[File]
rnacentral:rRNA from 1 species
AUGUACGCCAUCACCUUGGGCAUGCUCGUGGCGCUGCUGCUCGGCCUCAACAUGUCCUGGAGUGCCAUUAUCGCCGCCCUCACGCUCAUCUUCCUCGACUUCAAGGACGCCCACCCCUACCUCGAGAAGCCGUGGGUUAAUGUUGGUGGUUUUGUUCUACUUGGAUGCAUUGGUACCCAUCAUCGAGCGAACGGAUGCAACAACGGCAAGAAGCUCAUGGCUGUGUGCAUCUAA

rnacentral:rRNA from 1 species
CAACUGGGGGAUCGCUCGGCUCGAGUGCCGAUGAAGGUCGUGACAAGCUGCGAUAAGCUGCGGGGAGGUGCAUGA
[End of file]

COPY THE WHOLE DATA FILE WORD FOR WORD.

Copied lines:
rnacentral:rRNA from 1 species
AUGUACGCCAUCACCUUGGGCAUGCUCGUGGCGCUGCUGCUCGGCCUCAACAUGUCCUGGAGUGCCAUUAUCGCCGCCCUCACGCUCAUCUUCCUCGACUUCAAGGACGCCCACCCCUACCUCGAGAAGCCGUGGGUUAAUGUUGGUGGUUUUGUUCUACUUGGAUGCAUUGGUACCCAUCAUCGAGCGAACGGAUGCAACAACGGCAAGAAGCUCAUGGCUGUGUGCAUCUAA

rnacentral:rRNA from 1 species
CAACUGGGGGAUCGCUCGGCUCGAGUGCCGAUGAAGGUCGUGACAAGCUGCGAUAAGCUGCGGGGAGGUGCAUGA